DEAR DR. NERDLOVE: I find myself in an odd place. I struggle with anxiety and depression and I am currently attending therapy for it. I say all this to present a background to my question.
I struggle with self-confidence and self-worth. I often feel worthless and being in specific unmasculine. I feel I am too skinny, but I hate eating and am partly fearful of being fat. I have never been in a romantic relationship and am a 25 year old virgin. All these have made me feel especially insecure. That I will never be in a relationship and that if I do, my partner will cheat on me with other men who are more masculine, charming, and etc.
Logically, I understand these are untrue and that I shouldn’t allow these thoughts to dominate my thoughts, but I can’t escape them. I really don’t know how to handle them.
Not-Quite A Man
DEAR NOT QUITE A MAN: Couple things, NQAM.
First: your being a man has nothing to do with your build, your sexual history or how many relationships you’ve had. Are you a man? Then congrats: you’re masculine. You’re masculine whether you’re skinny or jacked, whether you have a dadbod or not, whether you have a beard or not, whether you’re a virgin or you’ve gotten more strange ass than a dude at a mutant donkey auction with a stolen platinum card. The sort of thing you’re struggling with is having internalized toxic and restrictive ideas about what it means to “be a man”.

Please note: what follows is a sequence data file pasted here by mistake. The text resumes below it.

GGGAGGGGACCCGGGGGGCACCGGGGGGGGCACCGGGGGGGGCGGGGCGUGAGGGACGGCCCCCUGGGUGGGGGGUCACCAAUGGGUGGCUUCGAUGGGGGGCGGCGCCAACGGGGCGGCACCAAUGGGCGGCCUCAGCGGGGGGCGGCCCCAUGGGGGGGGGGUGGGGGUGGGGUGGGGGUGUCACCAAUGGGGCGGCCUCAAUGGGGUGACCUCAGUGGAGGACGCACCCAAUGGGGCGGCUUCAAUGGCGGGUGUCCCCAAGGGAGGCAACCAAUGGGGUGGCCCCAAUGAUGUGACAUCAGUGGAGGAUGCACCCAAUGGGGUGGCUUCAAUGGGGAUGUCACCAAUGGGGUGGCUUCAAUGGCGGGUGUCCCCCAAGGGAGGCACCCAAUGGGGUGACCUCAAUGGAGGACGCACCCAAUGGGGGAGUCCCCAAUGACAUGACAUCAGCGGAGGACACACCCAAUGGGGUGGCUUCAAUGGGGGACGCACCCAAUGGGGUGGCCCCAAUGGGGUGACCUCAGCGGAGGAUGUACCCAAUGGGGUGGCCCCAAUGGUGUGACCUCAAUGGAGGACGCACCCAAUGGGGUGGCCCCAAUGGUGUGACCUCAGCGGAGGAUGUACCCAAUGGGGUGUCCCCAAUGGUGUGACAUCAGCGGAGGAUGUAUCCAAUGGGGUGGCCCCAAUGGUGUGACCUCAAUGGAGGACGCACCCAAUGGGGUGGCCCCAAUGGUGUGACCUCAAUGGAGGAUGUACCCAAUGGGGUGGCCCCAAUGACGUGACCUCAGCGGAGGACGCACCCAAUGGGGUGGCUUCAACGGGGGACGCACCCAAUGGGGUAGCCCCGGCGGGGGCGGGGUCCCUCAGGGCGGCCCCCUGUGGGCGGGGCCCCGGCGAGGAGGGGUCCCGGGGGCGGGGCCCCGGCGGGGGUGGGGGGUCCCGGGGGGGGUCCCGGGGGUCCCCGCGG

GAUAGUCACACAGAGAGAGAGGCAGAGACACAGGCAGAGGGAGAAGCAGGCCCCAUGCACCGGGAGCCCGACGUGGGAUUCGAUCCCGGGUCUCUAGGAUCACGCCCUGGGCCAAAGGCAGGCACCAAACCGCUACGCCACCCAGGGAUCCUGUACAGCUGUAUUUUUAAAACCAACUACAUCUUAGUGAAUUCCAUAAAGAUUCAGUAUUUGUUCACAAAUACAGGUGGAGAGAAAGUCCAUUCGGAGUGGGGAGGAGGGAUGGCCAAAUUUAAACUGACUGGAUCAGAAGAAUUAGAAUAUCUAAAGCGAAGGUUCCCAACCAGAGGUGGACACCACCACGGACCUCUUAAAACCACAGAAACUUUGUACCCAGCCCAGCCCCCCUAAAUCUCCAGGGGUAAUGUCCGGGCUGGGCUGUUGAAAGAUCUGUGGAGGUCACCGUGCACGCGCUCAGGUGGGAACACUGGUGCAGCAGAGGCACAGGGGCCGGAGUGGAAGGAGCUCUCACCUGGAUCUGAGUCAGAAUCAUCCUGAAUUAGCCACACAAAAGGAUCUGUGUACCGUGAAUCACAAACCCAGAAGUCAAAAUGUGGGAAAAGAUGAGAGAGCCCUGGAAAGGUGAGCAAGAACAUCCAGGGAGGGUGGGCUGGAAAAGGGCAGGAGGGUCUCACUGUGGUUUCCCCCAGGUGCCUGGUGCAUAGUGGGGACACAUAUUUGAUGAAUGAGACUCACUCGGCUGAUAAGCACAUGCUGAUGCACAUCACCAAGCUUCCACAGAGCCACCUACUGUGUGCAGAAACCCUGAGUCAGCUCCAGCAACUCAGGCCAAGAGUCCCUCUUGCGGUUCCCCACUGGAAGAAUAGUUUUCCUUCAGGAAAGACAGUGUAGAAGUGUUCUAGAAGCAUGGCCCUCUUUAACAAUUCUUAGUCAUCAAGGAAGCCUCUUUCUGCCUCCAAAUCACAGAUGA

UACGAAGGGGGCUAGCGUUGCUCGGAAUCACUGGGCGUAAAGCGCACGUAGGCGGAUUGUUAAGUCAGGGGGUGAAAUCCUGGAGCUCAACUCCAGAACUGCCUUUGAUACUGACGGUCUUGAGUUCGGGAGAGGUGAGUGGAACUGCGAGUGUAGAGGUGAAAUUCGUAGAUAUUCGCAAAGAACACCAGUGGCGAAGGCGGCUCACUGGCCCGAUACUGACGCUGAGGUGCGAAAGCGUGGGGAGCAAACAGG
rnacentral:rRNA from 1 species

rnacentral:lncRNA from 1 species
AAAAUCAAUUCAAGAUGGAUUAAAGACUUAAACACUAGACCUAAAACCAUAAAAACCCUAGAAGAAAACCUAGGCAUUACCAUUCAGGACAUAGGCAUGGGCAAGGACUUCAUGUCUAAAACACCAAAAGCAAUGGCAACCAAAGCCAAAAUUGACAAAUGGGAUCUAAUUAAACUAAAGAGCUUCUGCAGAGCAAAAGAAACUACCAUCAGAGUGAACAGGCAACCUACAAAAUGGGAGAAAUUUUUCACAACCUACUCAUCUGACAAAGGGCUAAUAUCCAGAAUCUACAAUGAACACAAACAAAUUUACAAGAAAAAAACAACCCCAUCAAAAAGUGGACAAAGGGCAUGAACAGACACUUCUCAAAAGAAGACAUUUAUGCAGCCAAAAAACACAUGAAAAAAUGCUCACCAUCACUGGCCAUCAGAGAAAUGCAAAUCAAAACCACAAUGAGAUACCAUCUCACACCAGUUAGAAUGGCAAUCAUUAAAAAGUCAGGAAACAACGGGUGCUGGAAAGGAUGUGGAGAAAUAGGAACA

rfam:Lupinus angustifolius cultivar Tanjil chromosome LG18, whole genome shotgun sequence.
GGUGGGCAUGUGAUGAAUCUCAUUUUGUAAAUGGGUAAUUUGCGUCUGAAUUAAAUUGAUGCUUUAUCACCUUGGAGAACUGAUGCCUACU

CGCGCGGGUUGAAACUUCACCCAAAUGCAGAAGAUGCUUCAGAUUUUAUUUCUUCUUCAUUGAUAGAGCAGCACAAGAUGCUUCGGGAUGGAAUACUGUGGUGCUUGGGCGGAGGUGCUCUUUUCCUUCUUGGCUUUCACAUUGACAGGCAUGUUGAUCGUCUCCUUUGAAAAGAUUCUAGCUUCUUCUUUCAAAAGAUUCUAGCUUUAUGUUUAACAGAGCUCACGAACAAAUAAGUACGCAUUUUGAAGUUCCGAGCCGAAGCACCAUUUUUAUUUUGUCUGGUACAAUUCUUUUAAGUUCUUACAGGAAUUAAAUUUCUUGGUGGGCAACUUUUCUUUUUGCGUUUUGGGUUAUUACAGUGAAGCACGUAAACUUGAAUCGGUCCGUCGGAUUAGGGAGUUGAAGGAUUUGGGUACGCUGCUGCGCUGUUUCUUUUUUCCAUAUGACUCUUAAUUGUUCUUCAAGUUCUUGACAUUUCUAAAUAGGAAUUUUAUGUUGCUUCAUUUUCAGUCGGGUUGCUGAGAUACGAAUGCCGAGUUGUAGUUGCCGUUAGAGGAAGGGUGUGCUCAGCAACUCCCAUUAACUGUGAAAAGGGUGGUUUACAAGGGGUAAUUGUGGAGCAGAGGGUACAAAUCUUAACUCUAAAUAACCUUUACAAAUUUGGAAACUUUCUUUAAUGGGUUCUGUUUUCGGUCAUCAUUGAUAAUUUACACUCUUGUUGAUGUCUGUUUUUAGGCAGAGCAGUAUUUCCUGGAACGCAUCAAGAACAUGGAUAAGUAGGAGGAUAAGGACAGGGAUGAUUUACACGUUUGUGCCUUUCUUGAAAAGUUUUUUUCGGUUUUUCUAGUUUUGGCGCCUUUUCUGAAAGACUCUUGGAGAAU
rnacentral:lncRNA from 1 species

One of the first things I would suggest you should do is talk to your therapist about your issues around food and eating. What you’re describing sounds a lot like the beginnings of issues with disordered eating, which is something that a loud mouth with an advice column is not going to be able to help you with. That requires working with a mental health professional, especially with how much it ties into your feelings about your body. I wouldn’t recommend trying to go on your own with this; even if you were to, say, start approaching eating from a body building perspective, that isn’t going to solve the root issues of feeling insecure and tying your self-worth into your weight or pants size. Orthorexia — focusing to the point of obsession about eating “clean” or healthily — is still a form of disordered eating.
Another thing I would suggest is that you pay attention to what you pay attention to. Part of why men, especially men in your situation, feel like they don’t measure up is because they tend to submerge themselves in forums, subreddits and YouTube videos that keep telling them that they’re failing at being men. Whether it’s the incel community, Red Pill and MRA groups or even just assholes on Twitter or YouTube, when you hear people telling you over and over again that you — or people you identify with — are somehow not manly enough, it’s very hard not to take that onboard and internalize it. I realize that it feels like you’re getting The TRVTH in all it’s unvarnished glory but honestly, you aren’t. What you’re hearing are other people projecting their insecurities and their fears about how they aren’t manly enough, externalizing it and proclaiming it as gospel because they need everyone else to go along with it. This is why paying attention to what you feed your brain can be important. Toxic and restrictive forms of masculinity only work as long as everyone buys into it; one of the quickest and easiest ways for a man to shore up his own male bonafides is to police and punish other men. People who refuse to conform and who embrace their masculinity in all its variety threaten that structure.